The Otolith Group’s Xenogenesis draws on science fiction to create an unsettling mirror of our present time. By Andy Butler.
Late last year, African–American science fiction writer Octavia E. Butler’s Parable of the Sower made the New York Times bestseller list, 27 years after it was published and 14 years after the author’s death. The book is a vision of a 2020s California, gripped by a climate crisis and rampant inequality in an apocalyptic capitalist world. Butler’s work is finding a resurgence in an era that feels as if it’s held together by plot points from a dystopian novel.
Butler’s writing is at the centre of Xenogenesis, an exhibition by The Otolith Group at Buxton Contemporary. A photograph of the author greets the viewer at the entrance to the exhibition, and the title Xenogenesis is taken from a trilogy of books she released in the late ’80s.
The Otolith Group, formed in 2002 by London-based collaborators Kodwo Eshun and Anjalika Sagar, have championed the video essay and experimental film genre over the past two decades, making works inspired by the output of Butler and the late Jamaican–British cultural studies pioneer Stuart Hall.
The backbone of their latest exhibition is three extended video works made between 2013 and 2018. In the legacy of Hall, The Otolith Group interrogate how cultural phenomena operate within a framework of power, institutions, politics and economics.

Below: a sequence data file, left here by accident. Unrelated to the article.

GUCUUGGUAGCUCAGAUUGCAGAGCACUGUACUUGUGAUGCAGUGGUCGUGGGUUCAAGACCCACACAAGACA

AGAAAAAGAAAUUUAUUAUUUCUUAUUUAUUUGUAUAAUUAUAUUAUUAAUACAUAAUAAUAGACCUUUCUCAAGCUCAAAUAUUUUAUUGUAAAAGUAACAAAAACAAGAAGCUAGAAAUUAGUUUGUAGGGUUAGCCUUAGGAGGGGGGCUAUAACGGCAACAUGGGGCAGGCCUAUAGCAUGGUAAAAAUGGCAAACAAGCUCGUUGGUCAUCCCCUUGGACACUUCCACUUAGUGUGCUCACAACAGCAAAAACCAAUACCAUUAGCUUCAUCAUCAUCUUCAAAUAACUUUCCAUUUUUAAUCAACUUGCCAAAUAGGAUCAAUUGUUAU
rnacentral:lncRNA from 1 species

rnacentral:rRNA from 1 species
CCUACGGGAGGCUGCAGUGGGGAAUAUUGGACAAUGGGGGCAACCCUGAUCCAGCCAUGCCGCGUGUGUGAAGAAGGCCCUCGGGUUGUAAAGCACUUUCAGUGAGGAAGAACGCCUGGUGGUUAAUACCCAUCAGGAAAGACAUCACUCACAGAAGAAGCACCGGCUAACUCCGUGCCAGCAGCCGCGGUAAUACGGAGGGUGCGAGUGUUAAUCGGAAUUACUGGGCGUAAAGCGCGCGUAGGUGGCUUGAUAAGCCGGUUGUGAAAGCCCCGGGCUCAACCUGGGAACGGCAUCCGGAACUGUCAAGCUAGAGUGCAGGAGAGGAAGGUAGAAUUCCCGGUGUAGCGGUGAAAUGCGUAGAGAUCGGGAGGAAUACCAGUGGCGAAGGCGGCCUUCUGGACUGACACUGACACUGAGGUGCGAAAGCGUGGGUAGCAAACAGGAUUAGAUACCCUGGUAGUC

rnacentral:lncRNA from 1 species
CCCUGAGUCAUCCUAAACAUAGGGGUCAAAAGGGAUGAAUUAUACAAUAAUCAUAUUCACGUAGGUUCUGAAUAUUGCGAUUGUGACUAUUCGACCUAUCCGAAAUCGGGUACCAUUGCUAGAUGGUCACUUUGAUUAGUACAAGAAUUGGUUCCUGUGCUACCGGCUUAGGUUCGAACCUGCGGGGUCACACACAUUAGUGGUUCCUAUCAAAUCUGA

Medium Earth (2013) greets the viewer as they walk into the gallery. Like Parable of the Sower, the work is set in the desert of southern California, along the San Andreas fault line. The desert, with its precarious boulder outcrops, is rendered as if it were an ominous alien planet in an episode of Star Trek. Shots of a freeway snaking through the mountains and an underground car park are surprising interventions of human life.
Sagar’s ethereal voice drifts over the top of the film. She inhabits the character of an “earthquake sensitive” – someone who claims they can sense impending seismic activity through pain in their body and other seemingly unrelated signals.
“What do faults promise?” says Sagar’s character. “We feel faults below 2.0. Thousands of us feel them, straining, building stress in the shale, folding rocks into compressed curves.” The connected fault lines of the globe are talked about as though the Earth were a body, its pain sensed by a selected few.
In a room behind this video, the installation Who Does the Earth Think It Is? (2014) expands on the phenomenon of earthquake sensitives and their relationship to seismic activity. Letters and faxes describe earthquake warning signs that people say they perceive, archival copies of communication sent by members of the public to a California-based geologic research centre. A poetic sensitivity to the Earth begins to sound like a web of conspiracy theories – people predict deadly earthquakes through body pains, amplified sounds of static, strange smells or irregular cat behaviour; some explain the earthquakes as God’s divine retribution against undocumented immigrants.
Surprising storytelling devices tie together the three major works in Xenogenesis. The strength of extended video works in an exhibition setting is the total aesthetic world that the viewer inhabits within the gallery. You move in darkness from room to room, entering deeply considered worlds that are constructed from the building blocks of cinema but freed from conventional narrative forms. This experimentation opens up strange renderings of our present.